Workshop participants examine forest grown lion’s mane mushrooms. (Photo credit: Ken Mudge / Cornell University and Allen Matthews / Chatham University)
Helping landowners care for their forests and strengthen local economies is an important goal of the U.S. Forest Service, USDA National Agroforestry Center and their partnering organizations.
According to Ken Mudge of Cornell University, any farmer with a woodlot and the drive to diversify should consider forest-cultivated shiitake mushrooms. They are well suited to the increasing demand for locally produced, healthy foods.
With a retail price of $12 to $20 per pound, the demand for shiitakes is considerable throughout the Northeast. As an added benefit, growing mushrooms encourages landowners to learn more about managing their forests. Read more »
The Mushroom Council website has information to help schools incorporate mushrooms in popular meals like beef hamburgers and sloppy joes. Photo courtesy of the Mushroom Council.
Sometimes the right blend can change your perception. One of our industry research and promotion programs is remixing school meal items to help change students’ preconceptions and get them to eat healthy foods.
The Mushroom Council helped out on this front in a number of ways. The Council, which is overseen by our agency – the USDA’s Agricultural Marketing Service (AMS) – encouraged schools to use recipes that added mushrooms to their beef burgers. By reducing some of the beef and adding the hearty texture of mushrooms, schools were able to increase student consumption of healthy meals without compromising taste. Read more »
Half-a-billion dollars’ worth of mushrooms would cover a lot of pizzas, Pennsylvania! Check back next Thursday to learn more about another state from the 2012 Census of Agriculture.
The Census of Agriculture is the most complete account of U.S. farms and ranches and the people who operate them. Every Thursday USDA’s National Agricultural Statistics Service will highlight new Census data and the power of the information to shape the future of American agriculture.
Many people today associate Pennsylvania with heavy industries, such as coal and steel, forgetting the presence of another major industry – agriculture. Farming has been a major part of Pennsylvania culture for centuries. In fact, one of the theories behind the “Keystone State” moniker is that Pennsylvania was a combination of Northern industries and Southern agriculture, making it a true keystone of the original colonies. And even today, agriculture remains a major component of our state’s economy.
As the latest Census of Agriculture showed, Pennsylvania farmers sold more than $7.4 billion worth of agricultural products in 2012 and have nearly 60,000 farms and ranches on more than 7.7 million acres of land. The land area dedicated to farming in Pennsylvania is larger than the total areas of at least 8 states in the nation. Read more »
Dave’s Herb-Stuﬀed Mushrooms
The MyPlate Team offers the final “Makeover Monday” recipe this week on the USDA blog and the MyPlate Facebook page.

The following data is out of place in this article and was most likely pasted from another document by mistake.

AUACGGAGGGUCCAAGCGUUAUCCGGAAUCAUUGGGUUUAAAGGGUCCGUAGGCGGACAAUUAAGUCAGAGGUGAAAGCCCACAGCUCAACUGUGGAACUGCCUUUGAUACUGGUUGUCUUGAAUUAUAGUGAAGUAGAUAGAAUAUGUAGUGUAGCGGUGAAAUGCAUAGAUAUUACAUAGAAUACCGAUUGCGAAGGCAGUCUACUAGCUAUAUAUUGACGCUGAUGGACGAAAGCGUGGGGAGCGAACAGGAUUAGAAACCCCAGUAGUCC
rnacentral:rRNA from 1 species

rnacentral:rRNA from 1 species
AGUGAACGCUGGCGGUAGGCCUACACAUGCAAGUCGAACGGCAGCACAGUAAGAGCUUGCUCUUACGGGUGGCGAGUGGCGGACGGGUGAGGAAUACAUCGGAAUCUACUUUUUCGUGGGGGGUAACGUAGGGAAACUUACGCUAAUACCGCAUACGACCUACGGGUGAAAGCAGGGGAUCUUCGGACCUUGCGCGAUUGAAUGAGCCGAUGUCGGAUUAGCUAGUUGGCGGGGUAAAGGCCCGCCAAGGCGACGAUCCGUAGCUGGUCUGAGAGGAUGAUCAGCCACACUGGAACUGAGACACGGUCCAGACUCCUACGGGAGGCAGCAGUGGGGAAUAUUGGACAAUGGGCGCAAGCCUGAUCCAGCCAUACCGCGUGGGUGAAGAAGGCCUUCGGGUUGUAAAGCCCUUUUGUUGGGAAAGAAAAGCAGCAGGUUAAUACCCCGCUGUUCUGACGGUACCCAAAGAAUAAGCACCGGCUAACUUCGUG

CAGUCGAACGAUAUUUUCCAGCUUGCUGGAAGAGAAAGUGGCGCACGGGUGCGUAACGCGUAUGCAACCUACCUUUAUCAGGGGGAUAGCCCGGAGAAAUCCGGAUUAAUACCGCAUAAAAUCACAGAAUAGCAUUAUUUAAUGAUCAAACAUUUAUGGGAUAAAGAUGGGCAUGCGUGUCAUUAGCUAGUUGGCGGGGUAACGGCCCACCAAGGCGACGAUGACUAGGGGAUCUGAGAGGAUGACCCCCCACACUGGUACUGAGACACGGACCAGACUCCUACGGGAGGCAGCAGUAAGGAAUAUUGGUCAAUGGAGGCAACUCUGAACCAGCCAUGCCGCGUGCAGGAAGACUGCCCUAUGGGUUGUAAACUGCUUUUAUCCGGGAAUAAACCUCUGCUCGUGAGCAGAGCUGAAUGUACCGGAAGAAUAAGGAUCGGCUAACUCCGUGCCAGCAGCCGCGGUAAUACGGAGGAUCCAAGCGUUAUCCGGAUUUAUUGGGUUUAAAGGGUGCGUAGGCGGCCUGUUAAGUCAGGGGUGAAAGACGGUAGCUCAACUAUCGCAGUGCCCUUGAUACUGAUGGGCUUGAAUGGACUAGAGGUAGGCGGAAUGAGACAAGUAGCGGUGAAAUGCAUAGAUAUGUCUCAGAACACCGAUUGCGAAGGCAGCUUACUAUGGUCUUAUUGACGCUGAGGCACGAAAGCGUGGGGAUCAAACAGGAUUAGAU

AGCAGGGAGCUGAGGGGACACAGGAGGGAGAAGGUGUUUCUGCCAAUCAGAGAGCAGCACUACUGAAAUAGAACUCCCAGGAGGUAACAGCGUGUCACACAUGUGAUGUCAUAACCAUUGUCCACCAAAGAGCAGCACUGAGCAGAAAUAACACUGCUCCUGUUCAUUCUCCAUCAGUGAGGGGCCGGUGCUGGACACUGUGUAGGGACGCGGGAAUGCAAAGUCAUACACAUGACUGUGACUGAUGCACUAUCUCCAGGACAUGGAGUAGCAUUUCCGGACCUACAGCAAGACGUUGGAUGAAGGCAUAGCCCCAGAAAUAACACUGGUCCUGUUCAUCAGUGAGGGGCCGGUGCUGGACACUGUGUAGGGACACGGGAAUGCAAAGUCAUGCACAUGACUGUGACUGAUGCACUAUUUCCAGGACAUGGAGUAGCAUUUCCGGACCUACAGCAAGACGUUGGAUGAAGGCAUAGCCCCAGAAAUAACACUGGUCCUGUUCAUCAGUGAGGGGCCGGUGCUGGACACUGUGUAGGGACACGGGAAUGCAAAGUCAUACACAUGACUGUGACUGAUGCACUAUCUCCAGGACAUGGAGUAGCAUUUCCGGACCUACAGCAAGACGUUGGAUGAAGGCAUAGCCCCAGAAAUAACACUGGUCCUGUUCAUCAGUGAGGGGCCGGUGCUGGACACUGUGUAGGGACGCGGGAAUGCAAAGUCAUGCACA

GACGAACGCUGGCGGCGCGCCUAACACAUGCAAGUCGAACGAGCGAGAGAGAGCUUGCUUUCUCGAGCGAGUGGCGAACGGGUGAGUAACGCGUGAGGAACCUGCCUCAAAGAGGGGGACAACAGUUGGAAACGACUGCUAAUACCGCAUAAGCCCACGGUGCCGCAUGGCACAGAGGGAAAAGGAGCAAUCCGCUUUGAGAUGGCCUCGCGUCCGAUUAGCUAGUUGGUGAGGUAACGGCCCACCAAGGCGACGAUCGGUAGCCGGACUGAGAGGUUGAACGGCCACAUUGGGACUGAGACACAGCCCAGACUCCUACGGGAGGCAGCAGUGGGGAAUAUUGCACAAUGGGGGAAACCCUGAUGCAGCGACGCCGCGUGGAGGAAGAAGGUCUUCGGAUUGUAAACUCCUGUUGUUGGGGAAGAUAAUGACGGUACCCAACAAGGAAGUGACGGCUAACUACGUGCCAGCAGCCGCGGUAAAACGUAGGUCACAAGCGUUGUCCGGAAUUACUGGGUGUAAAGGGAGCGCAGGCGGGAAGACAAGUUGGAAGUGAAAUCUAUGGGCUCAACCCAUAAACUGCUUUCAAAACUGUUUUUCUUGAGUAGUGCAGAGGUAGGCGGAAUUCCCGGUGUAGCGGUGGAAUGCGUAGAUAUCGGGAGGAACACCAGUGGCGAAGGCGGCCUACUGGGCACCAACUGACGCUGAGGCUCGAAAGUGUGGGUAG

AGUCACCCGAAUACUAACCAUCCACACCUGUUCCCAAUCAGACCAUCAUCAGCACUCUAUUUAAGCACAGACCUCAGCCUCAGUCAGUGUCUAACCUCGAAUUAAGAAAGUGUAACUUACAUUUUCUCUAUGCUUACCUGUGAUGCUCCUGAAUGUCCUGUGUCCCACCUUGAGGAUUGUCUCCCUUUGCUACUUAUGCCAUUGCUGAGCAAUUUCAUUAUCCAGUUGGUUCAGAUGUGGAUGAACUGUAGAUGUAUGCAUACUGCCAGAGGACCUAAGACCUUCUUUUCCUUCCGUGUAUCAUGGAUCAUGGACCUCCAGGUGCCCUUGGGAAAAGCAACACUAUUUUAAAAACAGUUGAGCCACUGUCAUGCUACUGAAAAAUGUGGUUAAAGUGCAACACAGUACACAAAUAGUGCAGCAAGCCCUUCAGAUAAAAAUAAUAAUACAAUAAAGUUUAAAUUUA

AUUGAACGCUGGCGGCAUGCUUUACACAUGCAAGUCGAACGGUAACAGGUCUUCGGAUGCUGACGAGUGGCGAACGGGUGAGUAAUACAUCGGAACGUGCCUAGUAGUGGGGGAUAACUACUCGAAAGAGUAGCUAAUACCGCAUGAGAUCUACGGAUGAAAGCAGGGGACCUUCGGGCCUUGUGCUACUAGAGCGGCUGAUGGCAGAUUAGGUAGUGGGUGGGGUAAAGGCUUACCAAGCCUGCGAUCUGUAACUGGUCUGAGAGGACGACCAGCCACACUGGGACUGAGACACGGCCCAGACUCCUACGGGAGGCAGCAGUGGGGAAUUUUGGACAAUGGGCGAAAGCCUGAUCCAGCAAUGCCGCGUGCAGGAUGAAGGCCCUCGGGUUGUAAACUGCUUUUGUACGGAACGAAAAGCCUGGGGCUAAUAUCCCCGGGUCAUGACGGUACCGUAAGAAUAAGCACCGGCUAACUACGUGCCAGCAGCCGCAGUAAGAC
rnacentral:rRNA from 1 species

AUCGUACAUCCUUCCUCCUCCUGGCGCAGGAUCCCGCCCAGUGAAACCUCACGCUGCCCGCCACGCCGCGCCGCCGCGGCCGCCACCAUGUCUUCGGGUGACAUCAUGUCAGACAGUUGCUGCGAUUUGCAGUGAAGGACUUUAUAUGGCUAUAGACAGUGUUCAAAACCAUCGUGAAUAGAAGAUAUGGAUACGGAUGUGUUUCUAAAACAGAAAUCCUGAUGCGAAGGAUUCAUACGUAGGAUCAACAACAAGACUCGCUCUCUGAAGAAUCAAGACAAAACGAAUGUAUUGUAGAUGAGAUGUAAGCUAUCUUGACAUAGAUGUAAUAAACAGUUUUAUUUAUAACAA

I love mushrooms and could probably eat them every day. They come in a variety of sizes, shapes, colors, textures, and flavors and can be worked into every meal. On their own, mushrooms are pretty healthful – very low in calories, free of cholesterol and (almost) free of fat. They are also naturally low in sodium, high in potassium, and are generally high in vitamins and minerals.
Stuffing mushrooms just makes something wonderful ever better! But what you stuff in these tasty little vegetables can make or break the dish. Typically, mushrooms are stuffed with foods containing saturated fats and sodium. So, if you’re trying to watch one or both of these in the New Year, consider various herbs and spices! Read more »
The Chugach National Forest BioBlitz – an intense period of biological surveys – included surveys of all organisms in Portage Valley including fungi. Ecologist Kate Mohatt leads a walk for the public to identify all mushrooms fruiting in the valley in 2011. (U.S. Forest Service/ Mona Spargo)
While many people look forward to fall for football rivalries and tailgate parties, others enjoy a different pastime — foraging for fall’s crop of fungi.
In Alaska, the season’s fungi festivals will find enthusiasts lined up for hikes into the woods to search for lichens and forage for mushrooms.
In September, the Wrangell Ranger District on the Tongass National Forest hosted a two-day event near the Rainbow Falls Trail. Karen Dillman, the forest’s ecologist, and Kate Mohatt, an ecologist from the Chugach National Forest, shared a variety of tips and information on fungi with locals and visitors including information profiled in the video “The Mushroom Maven of the Chugach National Forest.” What are the differences between edible and poisonous mushrooms? The pair described how to look for telling colors of the mushrooms after they are cut open, as well as the distinctive features of the caps and ridges. Read more »
Fly agaric / Amanita muscaria (Copyright Steven A. Trudell; reprinted with permission)
The fly agaric (Amanita muscaria) sits on the forest floor in Alaska as if it is waiting to be cast in an Alice in Wonderland movie.
Its recognizable bright red cap dotted with white warts belies their toxic nature. Although the effects vary, experts warn against eating them. In Alaska, fly agaric is generally found around birch or spruce trees and loves the northwest environment. Read more »